Environmentalists are promising a battle royale next month as the titans of industry clash with the Obama administration and its activist supporters in the biggest legal battle over climate change to date.
"Just weeks from now, NRDC and its allies will be fighting in the D.C. Circuit Court to defend the Clean Power Plan in one of the most important courtroom battles ever for our climate," said Rhea Suh, president of the Natural Resources Defense Council, in a Friday message to donors.
"NRDC's legal team is gearing up for our full-scale defense of the Clean Power Plan in court, but we can't win against such powerful foes without your immediate help," Suh added, playing up the fight to drum up donations.
"We'll be up against powerful coal industry giants, like Peabody Energy — America's largest coal company — that are determined to kill President Obama's historic plan to tackle climate change," she added. "If they win, it will slam the door on our clean energy future."
Suh has been sending similar messages all week, pitting environmental groups and the Environmental Protection Agency against the goliaths of the coal industry such as Peabody, Murray Energy, Southern Co., the National Mining Association, the North American Coal Corp. and the American Coalition for Clean Coal Electricity. Suh said the fossil fuel groups are "all working to stymie our climate progress and keep us shackled to fossil fuels." Just a few days ago, NRDC started circulating a petition to get coal companies to withdraw their legal challenges against the administration. But that isn't likely.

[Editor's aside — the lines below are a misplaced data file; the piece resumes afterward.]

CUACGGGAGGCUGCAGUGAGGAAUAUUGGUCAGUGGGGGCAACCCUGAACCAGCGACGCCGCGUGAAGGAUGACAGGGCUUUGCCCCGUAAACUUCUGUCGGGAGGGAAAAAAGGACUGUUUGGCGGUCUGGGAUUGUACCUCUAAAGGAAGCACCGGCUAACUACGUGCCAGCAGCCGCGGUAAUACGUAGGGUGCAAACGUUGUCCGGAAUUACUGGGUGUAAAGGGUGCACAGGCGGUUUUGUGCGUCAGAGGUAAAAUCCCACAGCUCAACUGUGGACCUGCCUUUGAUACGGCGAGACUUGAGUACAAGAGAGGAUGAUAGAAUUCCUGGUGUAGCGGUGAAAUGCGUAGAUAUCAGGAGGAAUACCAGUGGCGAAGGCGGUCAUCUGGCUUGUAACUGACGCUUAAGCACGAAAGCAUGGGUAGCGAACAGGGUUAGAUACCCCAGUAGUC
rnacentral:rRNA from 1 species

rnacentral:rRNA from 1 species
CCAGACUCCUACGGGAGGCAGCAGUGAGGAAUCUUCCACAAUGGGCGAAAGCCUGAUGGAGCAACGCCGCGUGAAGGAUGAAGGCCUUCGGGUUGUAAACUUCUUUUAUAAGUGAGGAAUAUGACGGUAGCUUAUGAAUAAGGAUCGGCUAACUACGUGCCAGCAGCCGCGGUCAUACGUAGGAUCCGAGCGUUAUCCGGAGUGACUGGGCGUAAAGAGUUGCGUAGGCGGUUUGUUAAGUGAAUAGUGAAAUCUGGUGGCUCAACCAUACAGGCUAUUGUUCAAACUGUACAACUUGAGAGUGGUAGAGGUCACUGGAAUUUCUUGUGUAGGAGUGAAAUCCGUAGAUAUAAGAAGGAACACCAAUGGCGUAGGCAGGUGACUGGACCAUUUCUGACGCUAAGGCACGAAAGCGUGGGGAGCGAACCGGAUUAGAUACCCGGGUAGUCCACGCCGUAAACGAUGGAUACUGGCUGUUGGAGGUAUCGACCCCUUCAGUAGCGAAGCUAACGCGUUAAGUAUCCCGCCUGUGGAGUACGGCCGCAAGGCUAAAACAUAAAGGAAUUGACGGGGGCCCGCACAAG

Thirty states and a number of industry groups, unions and others, along with the coal companies, are suing the EPA over the Clean Power Plan, arguing that it violates the law.
Opponents of the Clean Power Plan were successful in petitioning the Supreme Court to halt the climate plan while the lawsuit plays out in the D.C. federal appeals court. Oral arguments are slated for June 2.
"The Supreme Court has temporarily halted the Clean Power Plan — but Big Coal will be pushing hard to dismantle it entirely on June 2 when its legal merits are debated for the first time in federal court," Suh said.